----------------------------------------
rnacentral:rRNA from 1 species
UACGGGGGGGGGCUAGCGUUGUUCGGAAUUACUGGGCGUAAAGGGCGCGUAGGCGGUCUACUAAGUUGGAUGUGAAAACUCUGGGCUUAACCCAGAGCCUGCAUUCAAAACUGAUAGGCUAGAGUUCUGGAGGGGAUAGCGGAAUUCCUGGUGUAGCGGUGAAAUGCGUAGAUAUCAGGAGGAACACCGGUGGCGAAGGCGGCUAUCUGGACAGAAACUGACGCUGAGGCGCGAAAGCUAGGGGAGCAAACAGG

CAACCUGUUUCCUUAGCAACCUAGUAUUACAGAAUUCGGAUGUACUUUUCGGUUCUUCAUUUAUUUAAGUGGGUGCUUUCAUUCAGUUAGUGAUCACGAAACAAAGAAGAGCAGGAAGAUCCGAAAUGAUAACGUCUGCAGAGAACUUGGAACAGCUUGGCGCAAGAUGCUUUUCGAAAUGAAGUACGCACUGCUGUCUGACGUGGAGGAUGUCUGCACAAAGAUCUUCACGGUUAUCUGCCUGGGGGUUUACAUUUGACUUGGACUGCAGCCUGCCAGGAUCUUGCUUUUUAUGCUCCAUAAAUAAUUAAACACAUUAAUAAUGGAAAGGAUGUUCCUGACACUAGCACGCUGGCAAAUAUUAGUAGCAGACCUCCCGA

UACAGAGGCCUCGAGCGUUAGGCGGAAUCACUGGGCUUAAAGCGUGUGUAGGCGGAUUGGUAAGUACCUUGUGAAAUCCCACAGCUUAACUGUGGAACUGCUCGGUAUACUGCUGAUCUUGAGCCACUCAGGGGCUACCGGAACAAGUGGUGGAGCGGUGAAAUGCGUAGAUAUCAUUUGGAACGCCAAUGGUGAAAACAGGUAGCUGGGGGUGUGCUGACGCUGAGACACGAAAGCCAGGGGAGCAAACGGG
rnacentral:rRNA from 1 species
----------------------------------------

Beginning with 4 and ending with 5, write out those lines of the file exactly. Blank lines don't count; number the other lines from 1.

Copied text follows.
UACAGAGGCCUCGAGCGUUAGGCGGAAUCACUGGGCUUAAAGCGUGUGUAGGCGGAUUGGUAAGUACCUUGUGAAAUCCCACAGCUUAACUGUGGAACUGCUCGGUAUACUGCUGAUCUUGAGCCACUCAGGGGCUACCGGAACAAGUGGUGGAGCGGUGAAAUGCGUAGAUAUCAUUUGGAACGCCAAUGGUGAAAACAGGUAGCUGGGGGUGUGCUGACGCUGAGACACGAAAGCCAGGGGAGCAAACGGG
rnacentral:rRNA from 1 species